Government clarifies misrepresentations of Human Rights in Sri Lanka
Geneva: A presentation titled "Misrepresentations of Sri Lanka: A
Briefing on Human Rights", was held last Thursday at the office of the
Permanent Mission of Sri Lanka to the United Nations at Geneva chaired
by Dr. Dayan Jayatilleka, Ambassador to the United Nations. Over 60
representatives of mainly civil society organisations attended.
The speakers were: Professor Rajiva Wijesinha, Secretary General of
the Secretariat for Coordinating the Peace Process, Shirani
Goonetilleke, Director Legal, Secretariat for Coordinating the Peace
Process and Shavindra Fernando, Deputy Solicitor General, Attorney
General's Department. Each speaker made a statement of about 10 minutes.
Professor Rajiva Wijesinha said that the issues of Internally
Displaced Persons and cases of abductions and disappearances had been
misrepresented and highlighted by certain parties both in Sri Lanka and
abroad. While admitting that there were real issues of concern, he
insisted on the fact that a number of allegations made against the
government were not well founded.
The almost exemplary conduct of the Sri Lankan Army during the
recapture of the Eastern Province and its continuously improving human
rights record are cases in point.
Drawing particular attention to the need for objective criticism,
Prof. Wijesinha invited the NGOs not to unfairly tarnish Sri Lanka's
image but to cooperate with it genuinely in improving its human rights
He described the role and the function of the Peace Secretariat in
both rectifying misrepresentations and in requesting for information for
the clarification of alleged and potential human rights violations.
Professor Rajiva Wijesinha said that Sri Lanka faced both a political
and a terrorist problem and that they required new and imaginative
solutions. Shirani Goonetilleke, Director Legal of the Peace Secretariat
(SCOPP) described the role of the All Party Representative Committee as
well as the progress made in establishing a witness protection and
victim assistance programme.
She explained that four officials were in Australia undergoing
practical training so that they can become trainers once they return to
Sri Lanka. She said that the trainers had been drawn for their wide and
varied experience and contacts in all parts of the criminal justice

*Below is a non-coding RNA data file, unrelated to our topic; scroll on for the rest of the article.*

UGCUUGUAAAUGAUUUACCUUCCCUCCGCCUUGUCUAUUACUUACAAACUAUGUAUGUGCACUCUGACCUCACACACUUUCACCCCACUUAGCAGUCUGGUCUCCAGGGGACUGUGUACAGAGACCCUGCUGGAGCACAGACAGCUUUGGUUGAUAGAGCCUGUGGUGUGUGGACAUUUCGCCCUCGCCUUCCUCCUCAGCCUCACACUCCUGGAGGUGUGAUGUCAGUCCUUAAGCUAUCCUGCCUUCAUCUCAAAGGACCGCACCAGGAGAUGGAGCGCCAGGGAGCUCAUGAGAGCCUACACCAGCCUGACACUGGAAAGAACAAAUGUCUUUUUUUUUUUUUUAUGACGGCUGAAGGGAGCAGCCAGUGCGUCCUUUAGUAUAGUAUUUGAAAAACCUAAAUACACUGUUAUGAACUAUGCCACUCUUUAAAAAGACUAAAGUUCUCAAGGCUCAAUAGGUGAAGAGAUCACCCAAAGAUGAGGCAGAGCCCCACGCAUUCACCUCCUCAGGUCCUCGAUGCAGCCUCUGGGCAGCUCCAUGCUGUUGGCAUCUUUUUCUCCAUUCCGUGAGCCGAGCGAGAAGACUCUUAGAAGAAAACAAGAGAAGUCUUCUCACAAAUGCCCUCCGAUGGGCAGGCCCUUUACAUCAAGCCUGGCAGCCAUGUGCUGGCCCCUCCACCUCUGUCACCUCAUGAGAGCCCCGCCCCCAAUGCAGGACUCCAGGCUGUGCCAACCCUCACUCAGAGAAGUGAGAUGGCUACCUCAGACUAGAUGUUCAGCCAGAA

She also drew attention to certain difficulties that the Sri Lankan
State has to face when trying to reach its goals: lack of funds and the
absence of legislature, etc. Moreover, delicate and complex issues such
as those that Sri Lanka has been facing need careful analysis, thus,
Referring to the Northern Ireland peace process, she noted how the
parties involved needed 2 years to find an acceptable solution. In the
case of the Sri Lankan APRC, it is now on the verge of coming out with a
solution after intense deliberations during the past 12 months.
Goonetilleke also spoke about the SCOPP's engagement in child soldier
rehabilitation (with the assistance of UNICEF), the obstacles they face
in this respect and the achievements they have made so far. She stated
that the SCOPP's objective is to help these children be integrated into
the society by giving them proper education, vocational training, etc.
She described the steps taken by the Peace Secretariat along with
UNICEF to rehabilitate child soldiers.
The Deputy Solicitor General Shavindra Fernando described in detail
the role of the Attorney General and his Department in Sri Lanka which
he said was not a political office and did not initiate or lead
He was responding to a recent public statement issued by The
International Group of Eminent Persons (IIGEP) in which it had expressed
its concern regarding four areas of the work of the Commission of
Inquiry: slowness of the process, the Attorney General's involvement in
the process, the lack of a Victim and Witness protection programme and
the inadequate disclosure of information.
Evoking the second cause of concern, Fernando explained in detail the
Attorney General's role in the Sri Lankan judicial system and the COI.
He noted the importance of understanding the Attorney General's role in
the local context before commenting on it from the point of view of the
The Attorney General does not intervene in the COI unless his support
was asked for, and if requested, he could even withdraw his staff and
services from the COI.
Fernando said that the third cause of concern of the IIGEP, i.e., the
establishment of a Victim and Witness Protection Programme, has already
been addressed. The statements by the panellists were followed by a
question and answer session.